TIP : IF your cookies end up hardening when stored, you can heat the in the microwave for 30 seconds prior to serving so that they become warm and chewy again.

Braised vegetables in Lasagna

Recently I’ve been braising my vegetables. It seems to bring the best out in winter varieties. After slowly simmering whatever I have in the veg basket, I then used it to make various dishes. In this case it made THE BEST vegetable lasagna! Again, I used vegetables picked this week by a local farmer so I can’t guarantee this recipe for supermarket ingredients…

Braised vegetables :

I used the following, but I’m sure it would be nice with most things :

2 small onions cut into slim wedges

3 carrots diced

1 large golden turnip diced

6 mushrooms sliced

a quarter of a cabbage, finely sliced

1 jerusalem artichoke

1 bay leaf

stock or water

Sauté the onions and mushrooms a few minutes until the mushrooms have released their water and dried out a bit. (If you like lardons or italian sausage, add at this point). Add the rest of the veg, a bay leaf, a glass of white wine, then add stock or water until the vegetables are just covered. Add salt and pepper to taste. Bring to the boil, then lower to a simmer and cover with a lid. Cook slowly for about 30 minutes or till everything is tender and sweet. Remove the lid and turn up the temperature if there is still a lot of liquid. You should be left with very little sauce and soft and shiny vegetables.

To make the lasagna, I used a béchamel sauce (infused with a bay leaf and a clove), and a jar of italian tomato sauce, which I layered with the braised vegetables. I even had some leftover broccoli florets which I added to the middle layer. The key to lasagna is to have a lot of sauce so the lasagna sheets don’t dry out on top.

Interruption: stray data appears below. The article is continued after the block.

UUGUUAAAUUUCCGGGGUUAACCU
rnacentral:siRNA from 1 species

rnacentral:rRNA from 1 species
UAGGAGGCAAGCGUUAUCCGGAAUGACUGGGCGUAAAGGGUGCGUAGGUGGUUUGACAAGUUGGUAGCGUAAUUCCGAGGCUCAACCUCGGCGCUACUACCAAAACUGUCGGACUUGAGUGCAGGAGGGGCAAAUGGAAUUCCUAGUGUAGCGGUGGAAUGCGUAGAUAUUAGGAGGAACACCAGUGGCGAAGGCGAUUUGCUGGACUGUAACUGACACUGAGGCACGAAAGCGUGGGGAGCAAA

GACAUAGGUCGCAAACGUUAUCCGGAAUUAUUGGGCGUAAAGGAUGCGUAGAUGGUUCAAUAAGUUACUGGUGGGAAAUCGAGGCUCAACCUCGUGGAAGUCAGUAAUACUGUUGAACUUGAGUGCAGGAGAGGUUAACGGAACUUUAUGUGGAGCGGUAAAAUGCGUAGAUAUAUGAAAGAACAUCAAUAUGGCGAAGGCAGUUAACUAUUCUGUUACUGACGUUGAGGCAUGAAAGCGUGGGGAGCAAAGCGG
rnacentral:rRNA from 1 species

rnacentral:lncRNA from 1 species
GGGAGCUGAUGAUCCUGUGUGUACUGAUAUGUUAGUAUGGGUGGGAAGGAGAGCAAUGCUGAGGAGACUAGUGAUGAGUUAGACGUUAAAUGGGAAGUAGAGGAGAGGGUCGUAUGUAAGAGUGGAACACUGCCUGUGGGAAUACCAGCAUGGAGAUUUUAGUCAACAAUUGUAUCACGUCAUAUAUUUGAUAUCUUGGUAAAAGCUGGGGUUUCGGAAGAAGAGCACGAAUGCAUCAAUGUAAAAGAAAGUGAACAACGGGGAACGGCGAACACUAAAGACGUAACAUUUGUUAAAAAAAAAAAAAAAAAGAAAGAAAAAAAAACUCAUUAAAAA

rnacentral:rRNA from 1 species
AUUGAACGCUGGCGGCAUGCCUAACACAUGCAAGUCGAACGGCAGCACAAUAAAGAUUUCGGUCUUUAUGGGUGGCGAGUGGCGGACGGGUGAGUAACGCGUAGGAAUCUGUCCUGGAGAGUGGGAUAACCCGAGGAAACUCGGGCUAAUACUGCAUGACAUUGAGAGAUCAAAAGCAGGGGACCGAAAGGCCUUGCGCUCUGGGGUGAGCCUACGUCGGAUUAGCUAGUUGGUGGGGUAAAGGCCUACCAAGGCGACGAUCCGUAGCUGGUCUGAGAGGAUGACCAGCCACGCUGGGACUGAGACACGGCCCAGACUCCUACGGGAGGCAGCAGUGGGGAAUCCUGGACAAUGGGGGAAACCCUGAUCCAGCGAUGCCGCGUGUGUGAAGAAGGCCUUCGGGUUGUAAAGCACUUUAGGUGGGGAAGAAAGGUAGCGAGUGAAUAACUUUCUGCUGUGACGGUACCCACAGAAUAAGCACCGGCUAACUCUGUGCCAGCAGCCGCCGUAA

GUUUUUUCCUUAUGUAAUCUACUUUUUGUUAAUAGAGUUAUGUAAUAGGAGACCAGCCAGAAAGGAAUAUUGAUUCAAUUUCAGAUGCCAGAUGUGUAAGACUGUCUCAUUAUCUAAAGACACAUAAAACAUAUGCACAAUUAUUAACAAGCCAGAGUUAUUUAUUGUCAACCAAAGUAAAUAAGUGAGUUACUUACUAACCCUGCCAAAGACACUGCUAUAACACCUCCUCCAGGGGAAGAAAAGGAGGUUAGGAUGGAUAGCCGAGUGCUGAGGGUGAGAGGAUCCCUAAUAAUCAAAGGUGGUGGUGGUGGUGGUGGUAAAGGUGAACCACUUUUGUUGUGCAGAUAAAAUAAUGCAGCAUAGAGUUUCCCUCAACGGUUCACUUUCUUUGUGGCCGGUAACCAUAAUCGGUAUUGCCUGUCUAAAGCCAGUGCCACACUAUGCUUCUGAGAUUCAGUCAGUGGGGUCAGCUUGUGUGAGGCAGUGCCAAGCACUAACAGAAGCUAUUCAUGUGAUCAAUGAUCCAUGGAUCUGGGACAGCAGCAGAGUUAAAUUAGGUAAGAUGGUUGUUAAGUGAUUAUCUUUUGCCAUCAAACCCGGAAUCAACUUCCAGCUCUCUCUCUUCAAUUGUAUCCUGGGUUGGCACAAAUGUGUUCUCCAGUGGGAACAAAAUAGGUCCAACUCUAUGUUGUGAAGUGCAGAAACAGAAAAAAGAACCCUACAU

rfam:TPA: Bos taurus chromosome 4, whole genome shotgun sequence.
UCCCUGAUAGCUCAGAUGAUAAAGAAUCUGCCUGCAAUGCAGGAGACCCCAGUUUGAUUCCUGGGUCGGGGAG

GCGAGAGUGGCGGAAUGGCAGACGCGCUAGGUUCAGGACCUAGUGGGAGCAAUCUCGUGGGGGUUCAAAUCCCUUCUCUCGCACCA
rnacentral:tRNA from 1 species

This was definitely a highlight meal of the week!

Amazing Buttermilk Oatmeal Pancakes

This is a REALLY good recipe which I found on the Orangette blog. Thank you Orangette, this one’s a keeper. I made it today for breakfast after having soaked the oats overnight. I used half the recipe, which was just enough for two adults and one child and makes 12 small pancakes that were nicely textured : rugged edged and crisp on the outside, creamy and light on the inside.

Recipe for 12 large or 24 small pancakes.

2 cups (180gr) rolled oats
2 cups (475ml) buttermilk
½ (60gr) cup all-purpose flour
2 Tbsp. sugar
1 tsp. baking powder (levure chimique)
1 tsp. baking soda (bicarbonate de soude)
½ tsp. table salt
2 large eggs, lightly beaten
½ cup (100g) unsalted butter, melted but not hot (if you add cold egg to hot butter it will make congealed lumps)
Vegetable oil or spray, for greasing the pan
Maple syrup, for serving

The night before:
Combine the oats and buttermilk in a medium bowl. Stir to mix. Cover with plastic wrap, and refrigerate overnight.